# Packing vertices on a hypercube graph?

Imagine a graph where the vertices and edges model an n dimensional hypercube (a line, a square, a cube and so on). A red vertex must have a minimum distance of 3 from every other red vertex. The problem is to maximise the number of red vertices for a given n.

I have absolutely no idea where to start. Any help is appreciated.

• Isn't the independence number of the union of the squared graph and itself? – LeechLattice Feb 15 '19 at 11:33
• @Bullet51 it is, but how does it help? – Fedor Petrov Feb 15 '19 at 11:34
• If you write the coordinates of the vertices of the $n$-d hypercube, these are the $n$-letter words on the alphabet $0,1$. The distance between two vertices is exactly the number of distinct letters. – quarague Feb 15 '19 at 11:35
• One could use independence number bounds, like Lovasz $\theta$ bound, Hoffman $\lambda_1$ bound, etc. – LeechLattice Feb 15 '19 at 11:36
• Just as some additional information, I found the following data through brute force: n:r, where r is the maximum number of nodes: 2:1 3:2 4:2 5:4 6:8 – user135868 Feb 15 '19 at 11:39

This is the problem of finding not-necessary-linear codes in a Hamming cube: for odd dimensions, one could take this table as a lower bound.

EDIT: The Hoffman bound gives a better bound that Fedor Petrov's for even $$n$$:

The Hoffman bound for a regular graph is $$\alpha \leq |V|* \frac{-\lambda}{d-\lambda}$$, where $$\lambda$$ is the smallest eigenvalue of the graph, and $$d$$ is the degree of the graph.

In order to compute the smallest eigenvalue, we can apply the character formula for Cayley graphs of abelian groups: in this case, the eigevalues are simply $$\sum_{s}\prod_a{s_a}$$, where $$s$$ ranges over all codewords with 1 or 2 $$-1$$s (the remaining bits are $$1$$), and $$a$$ some subset of indicies.

As $$s$$ is invariant with bit permutation, only the size of $$a$$ matter. Let $$w$$ denote the size of $$a$$. The corresponding eigenvalue is $$2w^2 - 2wn - 2w + \frac{n^2+n}2$$, and attains its minimum at $$w=\frac{n}2$$ and $$w=\frac{n}2+1$$, where the value is $$-\frac{n}2$$.

The upper bound is therefore $$\frac{2^n}{n+2}$$. In odd dimensions the reasoning applies too, but the bound is the same of Fedor Petrov's.

• I think, the estimate $2^n/(n+2)$ for even $n$ may be obtained also elementary (without eigenvalues) as follows. If we have $k$ centers of disjoint 1-balls, for each center $p$ there exist at least $n/2$ points on distance 2 from $p$ not covered by these balls (say, if $p=0$, by parity reasoning for each $i$ there exists $j\ne i$ such that the vertex $e_i+e_j$ is not covered). And each such point corresponds to at most $n/2$ centers, therefore there exist at least $k$ not covered points and we get $2^n- k(n+1)\geqslant k$. – Fedor Petrov Feb 18 '19 at 9:00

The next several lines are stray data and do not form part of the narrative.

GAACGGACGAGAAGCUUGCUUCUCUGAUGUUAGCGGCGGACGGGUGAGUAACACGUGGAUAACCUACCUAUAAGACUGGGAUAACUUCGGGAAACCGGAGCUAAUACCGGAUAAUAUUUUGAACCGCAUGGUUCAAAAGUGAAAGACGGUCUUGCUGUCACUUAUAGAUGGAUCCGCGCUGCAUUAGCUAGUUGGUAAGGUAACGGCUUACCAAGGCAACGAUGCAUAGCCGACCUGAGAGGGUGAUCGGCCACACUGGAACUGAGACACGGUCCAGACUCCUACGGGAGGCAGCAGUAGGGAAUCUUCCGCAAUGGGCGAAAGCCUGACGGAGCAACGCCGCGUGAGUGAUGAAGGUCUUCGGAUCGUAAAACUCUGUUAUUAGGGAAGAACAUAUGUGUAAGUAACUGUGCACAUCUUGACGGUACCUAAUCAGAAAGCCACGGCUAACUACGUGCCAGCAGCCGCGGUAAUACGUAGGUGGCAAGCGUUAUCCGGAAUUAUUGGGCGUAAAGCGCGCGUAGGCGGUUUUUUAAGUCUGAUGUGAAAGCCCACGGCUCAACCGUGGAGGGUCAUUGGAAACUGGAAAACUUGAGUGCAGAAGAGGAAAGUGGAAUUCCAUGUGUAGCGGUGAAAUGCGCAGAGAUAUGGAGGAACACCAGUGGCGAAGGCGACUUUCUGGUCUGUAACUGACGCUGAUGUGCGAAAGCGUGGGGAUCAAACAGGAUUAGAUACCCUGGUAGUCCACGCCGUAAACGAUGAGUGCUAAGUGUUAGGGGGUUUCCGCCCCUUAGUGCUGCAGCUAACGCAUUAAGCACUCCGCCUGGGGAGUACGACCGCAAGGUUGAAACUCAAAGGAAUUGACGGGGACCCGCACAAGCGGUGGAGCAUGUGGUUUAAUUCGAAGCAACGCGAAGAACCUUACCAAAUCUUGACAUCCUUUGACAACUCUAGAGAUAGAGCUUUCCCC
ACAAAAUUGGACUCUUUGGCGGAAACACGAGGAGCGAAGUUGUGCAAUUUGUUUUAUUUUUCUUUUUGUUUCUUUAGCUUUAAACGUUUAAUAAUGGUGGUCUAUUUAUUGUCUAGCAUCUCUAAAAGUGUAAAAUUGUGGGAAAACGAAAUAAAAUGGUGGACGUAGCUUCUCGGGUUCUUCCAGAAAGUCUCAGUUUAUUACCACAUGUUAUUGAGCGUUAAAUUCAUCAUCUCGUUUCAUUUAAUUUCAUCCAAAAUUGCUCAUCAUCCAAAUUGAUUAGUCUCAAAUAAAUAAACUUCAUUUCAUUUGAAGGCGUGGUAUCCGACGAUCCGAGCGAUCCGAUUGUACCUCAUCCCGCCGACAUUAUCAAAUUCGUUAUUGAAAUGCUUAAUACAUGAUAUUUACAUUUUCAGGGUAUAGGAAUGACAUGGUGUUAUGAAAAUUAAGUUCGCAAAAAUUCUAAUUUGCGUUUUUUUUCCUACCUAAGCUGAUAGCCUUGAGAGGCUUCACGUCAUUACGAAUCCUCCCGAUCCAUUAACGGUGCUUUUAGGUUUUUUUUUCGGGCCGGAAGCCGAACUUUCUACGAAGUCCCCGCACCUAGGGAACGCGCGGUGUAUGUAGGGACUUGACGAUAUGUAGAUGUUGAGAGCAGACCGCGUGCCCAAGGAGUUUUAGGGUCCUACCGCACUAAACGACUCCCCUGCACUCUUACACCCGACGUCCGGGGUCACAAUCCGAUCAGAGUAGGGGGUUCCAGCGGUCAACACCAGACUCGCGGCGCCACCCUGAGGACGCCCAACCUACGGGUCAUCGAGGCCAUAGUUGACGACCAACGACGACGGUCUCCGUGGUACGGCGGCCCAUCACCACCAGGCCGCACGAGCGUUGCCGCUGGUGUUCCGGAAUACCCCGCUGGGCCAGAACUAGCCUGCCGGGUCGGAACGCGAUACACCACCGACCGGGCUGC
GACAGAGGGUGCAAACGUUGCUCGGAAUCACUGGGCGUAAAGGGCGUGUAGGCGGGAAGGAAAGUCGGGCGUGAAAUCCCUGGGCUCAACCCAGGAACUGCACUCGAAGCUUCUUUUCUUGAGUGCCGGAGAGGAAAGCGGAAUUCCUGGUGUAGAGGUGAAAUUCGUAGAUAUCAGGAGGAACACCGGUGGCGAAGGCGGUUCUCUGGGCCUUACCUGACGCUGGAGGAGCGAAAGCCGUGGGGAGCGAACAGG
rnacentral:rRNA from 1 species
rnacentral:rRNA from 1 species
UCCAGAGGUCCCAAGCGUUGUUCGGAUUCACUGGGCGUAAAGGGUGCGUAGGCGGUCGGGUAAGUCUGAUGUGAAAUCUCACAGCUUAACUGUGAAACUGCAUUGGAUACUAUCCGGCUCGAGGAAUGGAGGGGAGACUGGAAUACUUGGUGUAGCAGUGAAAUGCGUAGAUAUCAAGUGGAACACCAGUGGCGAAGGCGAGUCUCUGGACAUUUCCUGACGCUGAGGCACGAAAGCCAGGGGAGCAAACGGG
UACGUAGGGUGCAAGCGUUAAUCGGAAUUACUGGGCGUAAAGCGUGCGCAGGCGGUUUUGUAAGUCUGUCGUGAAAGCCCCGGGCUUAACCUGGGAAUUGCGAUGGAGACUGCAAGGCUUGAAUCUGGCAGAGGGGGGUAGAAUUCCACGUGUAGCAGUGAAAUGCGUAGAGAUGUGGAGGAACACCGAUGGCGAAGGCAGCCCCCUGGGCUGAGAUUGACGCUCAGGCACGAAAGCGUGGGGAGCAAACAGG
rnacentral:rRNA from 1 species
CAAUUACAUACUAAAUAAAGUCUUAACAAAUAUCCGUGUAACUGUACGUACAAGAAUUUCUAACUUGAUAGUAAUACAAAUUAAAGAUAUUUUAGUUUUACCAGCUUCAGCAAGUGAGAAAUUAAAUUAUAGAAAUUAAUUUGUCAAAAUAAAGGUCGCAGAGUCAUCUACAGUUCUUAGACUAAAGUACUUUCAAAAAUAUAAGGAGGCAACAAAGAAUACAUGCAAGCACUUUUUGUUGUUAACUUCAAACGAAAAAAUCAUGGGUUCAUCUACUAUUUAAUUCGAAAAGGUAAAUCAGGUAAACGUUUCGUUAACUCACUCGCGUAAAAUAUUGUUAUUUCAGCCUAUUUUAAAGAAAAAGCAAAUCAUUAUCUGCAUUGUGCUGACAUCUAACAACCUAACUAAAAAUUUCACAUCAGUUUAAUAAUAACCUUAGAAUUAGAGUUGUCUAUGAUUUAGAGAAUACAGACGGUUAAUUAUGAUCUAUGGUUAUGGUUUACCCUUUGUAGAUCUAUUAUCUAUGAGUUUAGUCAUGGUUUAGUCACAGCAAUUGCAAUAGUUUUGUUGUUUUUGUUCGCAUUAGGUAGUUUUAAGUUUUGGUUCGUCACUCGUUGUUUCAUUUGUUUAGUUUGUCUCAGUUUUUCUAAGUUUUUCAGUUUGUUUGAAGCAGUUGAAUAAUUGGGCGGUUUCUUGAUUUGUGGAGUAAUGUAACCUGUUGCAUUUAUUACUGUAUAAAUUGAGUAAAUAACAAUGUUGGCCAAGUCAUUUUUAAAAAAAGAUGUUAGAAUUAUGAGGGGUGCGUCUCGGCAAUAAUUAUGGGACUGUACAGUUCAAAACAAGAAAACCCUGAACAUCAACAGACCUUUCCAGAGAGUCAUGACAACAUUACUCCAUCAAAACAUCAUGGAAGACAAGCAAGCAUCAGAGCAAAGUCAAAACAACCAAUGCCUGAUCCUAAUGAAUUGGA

The upper bound is $$2^n/(n+1)$$ coming from the observation that 1-neighborhoods of red vertices must be disjoint. Sometimes it is tight, say, Hamming codes give an example of exactly $$2^n/(n+1)$$ red vertices for $$n=2^k$$. To do it, identify $$n$$ coordinates with the set $$A$$ of all vertices of $$k$$-dimensional cube $$\{0,1\}^n$$ except the origin $$(0,0,\dots,0)$$, and call the functions from $$A$$ to $$\mathbb{F}_2$$ red if it sums up to 0 on every facet $$\{x_i=1\}$$ for all $$i=1,2,\dots,k$$. We get exactly $$2^{n-k}=2^n/(n+1)$$ red functions and any two of them differ at least in three vertices. Indeed, if red functions $$f,g$$ differ in at most two vertices $$u,v\in A$$, then there exists $$i$$ such that $$u_i=1$$ and $$v_i=0$$, and one of the functions $$f,g$$ has odd sum on the facet $$\{x_i=1\}$$.

• This predicts that in the case n=4, the upper bound should be 16/5, which would mean three red nodes can be placed. I know empirically that only two can be fit on this kind of graph. – user135868 Feb 15 '19 at 12:14
• @Grothendeeeeck The Lovasz $\theta$ bound gives $n \leq 8/3$ in this case, which proves the optimality of the number of vertices. – LeechLattice Feb 15 '19 at 12:22
• @Bullet51 I'm terribly sorry but I don't know what the Lovasz 𝜃 bound is. Could you recommend a simple source to learn about it from, or else give a quick explanation yourself? – user135868 Feb 15 '19 at 12:33
• @Grothendeeeeck en.wikipedia.org/wiki/Lov%C3%A1sz_number – LeechLattice Feb 15 '19 at 12:34
• @Bullet51 Hahahaha that's still a bit out of my league it's alright I'll figure it out – user135868 Feb 15 '19 at 12:38